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American Ambassador to Japan visits Okinawa

Date Posted: 2005-07-02

CAMP FOSTER, OKINAWA, Japan— During a recent visit to Okinawa, the US Ambassador to Japan, John T Schieffer, sat down with local, internal media here June 17, to answer questions on the future of US military in Okinawa and to comment on the relationship between US troops and Okinawans.

Schieffer began the press conference with a message to troops from President George W. Bush.

“I would like to thank all the troops for their service on behalf of the president,” Schieffer said. “The president told me whenever I ran into American military to be sure to convey to them his sincere and heartfelt thanks for the service they give to the country. The president is very proud of what our troops are doing, not only here, but around the world, particularly the ones who have been in harms way. Every American should be proud of them, and I certainly think the president is first among all Americans in that regard.”

This was the ambassadors’ first visit to Okinawa. During his visit, Schieffer met with local Okinawan government officials, toured historical sites on the island, and met with U.S. troops stationed on here.

“(I want to) get a better feel of what Okinawa is all about,” Schieffer said.

When asked about his view of each military branch’s respective role on Okinawa, Schieffer emphasized that the Armed Forces is a team and strongest when it operates with solidarity. He highlighted the 2005 Tsunami relief efforts of Combined Support Force 536 as an example.

“The different services are equally important in their humanitarian and military efforts,” Schieffer said. “I think the work that was done with the tsunami relief is some of the proudest work that any of us could be associated with, and my hats off to all those who participated here.”

Reporters asked for Schieffer’s opinion on the current relationship between the U.S. and Japan and about the relationship between individual service members and Okinawan citizens.

“The relationship is the best it’s ever been,” Schieffer said. “In conversation after conversation today, talking to individual Americans who are stationed here, they talked about the warmth and kindness of the Okinawan people. To me, that kind of anecdotal evidence is pretty important. It tells me that Americans and Okinawans can be friends and are friends.”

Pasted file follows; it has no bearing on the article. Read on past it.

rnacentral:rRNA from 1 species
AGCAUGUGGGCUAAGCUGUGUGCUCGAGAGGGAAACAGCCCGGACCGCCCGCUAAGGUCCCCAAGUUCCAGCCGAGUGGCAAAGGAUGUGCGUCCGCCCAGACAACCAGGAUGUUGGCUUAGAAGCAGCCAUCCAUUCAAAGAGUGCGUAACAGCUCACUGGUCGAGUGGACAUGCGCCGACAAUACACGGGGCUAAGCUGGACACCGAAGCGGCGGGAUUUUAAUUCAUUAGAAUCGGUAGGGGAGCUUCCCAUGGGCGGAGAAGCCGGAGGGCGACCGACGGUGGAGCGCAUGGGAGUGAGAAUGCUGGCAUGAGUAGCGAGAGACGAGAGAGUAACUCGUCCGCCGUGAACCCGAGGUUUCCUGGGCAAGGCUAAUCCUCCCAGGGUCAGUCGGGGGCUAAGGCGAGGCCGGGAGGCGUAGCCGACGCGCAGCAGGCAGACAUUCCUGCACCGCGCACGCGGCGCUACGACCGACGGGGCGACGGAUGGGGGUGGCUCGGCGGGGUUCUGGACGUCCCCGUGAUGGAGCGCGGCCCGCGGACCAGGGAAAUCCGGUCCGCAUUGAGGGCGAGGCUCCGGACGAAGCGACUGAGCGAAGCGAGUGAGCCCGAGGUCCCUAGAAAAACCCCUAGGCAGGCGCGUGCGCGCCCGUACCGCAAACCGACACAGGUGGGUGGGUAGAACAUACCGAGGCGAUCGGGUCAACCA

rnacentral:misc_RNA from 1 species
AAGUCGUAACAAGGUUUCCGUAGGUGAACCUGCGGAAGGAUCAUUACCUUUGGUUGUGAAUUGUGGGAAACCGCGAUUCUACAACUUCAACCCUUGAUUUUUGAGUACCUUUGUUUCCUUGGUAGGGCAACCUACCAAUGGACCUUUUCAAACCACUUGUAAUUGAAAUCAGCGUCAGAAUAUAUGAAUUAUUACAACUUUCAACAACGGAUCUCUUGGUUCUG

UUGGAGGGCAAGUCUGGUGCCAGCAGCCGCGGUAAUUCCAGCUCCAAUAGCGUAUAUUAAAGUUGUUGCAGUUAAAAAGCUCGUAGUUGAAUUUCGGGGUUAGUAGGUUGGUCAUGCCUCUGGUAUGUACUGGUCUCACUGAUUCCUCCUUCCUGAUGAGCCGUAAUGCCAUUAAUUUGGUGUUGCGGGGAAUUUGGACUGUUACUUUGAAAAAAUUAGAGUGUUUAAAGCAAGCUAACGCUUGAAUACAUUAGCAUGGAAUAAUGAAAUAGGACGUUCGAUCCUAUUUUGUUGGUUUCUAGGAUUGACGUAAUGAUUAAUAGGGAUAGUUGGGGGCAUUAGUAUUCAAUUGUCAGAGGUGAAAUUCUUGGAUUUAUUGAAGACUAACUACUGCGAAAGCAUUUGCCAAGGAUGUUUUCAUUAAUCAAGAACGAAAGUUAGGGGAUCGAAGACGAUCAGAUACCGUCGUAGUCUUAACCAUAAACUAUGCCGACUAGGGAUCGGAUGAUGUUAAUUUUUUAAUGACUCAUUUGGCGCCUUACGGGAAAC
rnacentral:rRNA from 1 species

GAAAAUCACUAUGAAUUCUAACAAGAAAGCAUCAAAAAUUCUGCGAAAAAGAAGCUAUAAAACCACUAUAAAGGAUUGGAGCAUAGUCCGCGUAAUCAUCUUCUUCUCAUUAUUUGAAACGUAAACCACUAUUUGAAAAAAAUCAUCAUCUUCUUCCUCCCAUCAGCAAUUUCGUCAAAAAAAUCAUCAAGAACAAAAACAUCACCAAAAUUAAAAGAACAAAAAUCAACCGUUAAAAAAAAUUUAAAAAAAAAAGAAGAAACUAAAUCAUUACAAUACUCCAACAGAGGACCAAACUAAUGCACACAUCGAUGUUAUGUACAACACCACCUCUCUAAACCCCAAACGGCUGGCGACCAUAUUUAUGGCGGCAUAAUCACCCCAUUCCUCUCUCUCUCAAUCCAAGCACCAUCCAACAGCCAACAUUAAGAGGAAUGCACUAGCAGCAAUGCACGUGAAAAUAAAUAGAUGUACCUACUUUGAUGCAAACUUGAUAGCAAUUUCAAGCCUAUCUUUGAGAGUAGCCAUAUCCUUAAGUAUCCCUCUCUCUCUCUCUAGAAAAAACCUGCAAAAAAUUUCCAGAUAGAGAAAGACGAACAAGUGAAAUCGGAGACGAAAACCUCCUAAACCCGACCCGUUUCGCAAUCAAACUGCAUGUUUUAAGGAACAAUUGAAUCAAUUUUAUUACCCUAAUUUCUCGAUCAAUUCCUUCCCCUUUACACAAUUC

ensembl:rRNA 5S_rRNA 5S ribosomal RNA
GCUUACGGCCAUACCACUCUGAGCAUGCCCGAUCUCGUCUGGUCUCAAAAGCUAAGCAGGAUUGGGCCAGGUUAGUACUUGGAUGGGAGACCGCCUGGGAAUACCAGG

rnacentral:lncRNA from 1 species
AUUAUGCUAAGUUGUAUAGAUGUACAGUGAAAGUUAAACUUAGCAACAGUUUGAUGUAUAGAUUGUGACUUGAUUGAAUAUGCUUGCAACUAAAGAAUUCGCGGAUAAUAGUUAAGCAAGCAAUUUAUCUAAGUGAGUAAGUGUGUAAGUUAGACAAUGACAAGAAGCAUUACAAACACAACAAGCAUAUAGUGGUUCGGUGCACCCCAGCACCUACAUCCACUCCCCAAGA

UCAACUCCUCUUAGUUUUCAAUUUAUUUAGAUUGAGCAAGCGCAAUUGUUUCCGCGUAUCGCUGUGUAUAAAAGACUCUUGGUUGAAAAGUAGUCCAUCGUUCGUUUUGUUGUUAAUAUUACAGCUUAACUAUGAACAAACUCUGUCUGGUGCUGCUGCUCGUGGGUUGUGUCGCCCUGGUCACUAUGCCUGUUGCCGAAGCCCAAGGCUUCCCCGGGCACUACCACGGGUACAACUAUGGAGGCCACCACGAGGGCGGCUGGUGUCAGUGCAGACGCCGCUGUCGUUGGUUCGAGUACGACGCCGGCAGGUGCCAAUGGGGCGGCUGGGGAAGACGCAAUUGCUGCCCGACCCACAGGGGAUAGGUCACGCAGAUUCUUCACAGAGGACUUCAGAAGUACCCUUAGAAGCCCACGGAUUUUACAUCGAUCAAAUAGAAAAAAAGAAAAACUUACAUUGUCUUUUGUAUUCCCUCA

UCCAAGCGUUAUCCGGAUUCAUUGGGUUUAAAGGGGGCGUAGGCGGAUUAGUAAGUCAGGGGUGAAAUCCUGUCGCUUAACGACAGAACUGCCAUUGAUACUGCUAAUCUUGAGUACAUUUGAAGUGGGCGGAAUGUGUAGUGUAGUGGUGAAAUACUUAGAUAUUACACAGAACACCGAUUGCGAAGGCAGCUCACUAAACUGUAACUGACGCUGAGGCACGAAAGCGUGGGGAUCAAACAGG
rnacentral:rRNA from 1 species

“The more interaction (between service members and Okinawans), the better chance of friendship,” Schieffer added.

One of the biggest topics at the press conference was base realignment and the future of American bases on Okinawa. Also discussed was how these changes may affect U.S. troops stationed here.

“When people talk about (base realignment) they always talk about the burden,” Schieffer began. “It is a burden, for Okinawa and the U.S service members stationed here. It is a shared burden.”

“The current talks (between the U.S. and Japan) are aimed at reducing the burden,” Schieffer explained further. “We want to eventually reduce the American footprint in Japan without losing military capabilities. We are looking for an agreement both governments can deal with.”

Schieffer stressed that military posture in this part of the world is invaluable; it contributes to the stability of the region, Schieffer explained. The service members here are right on the front line of the Global War on Terrorism. This area of the world can be quite dangerous at some times.

The future of the bases is still in the works, it is important to remember we have to meet the challenges of the 21st century, Schieffer concluded.

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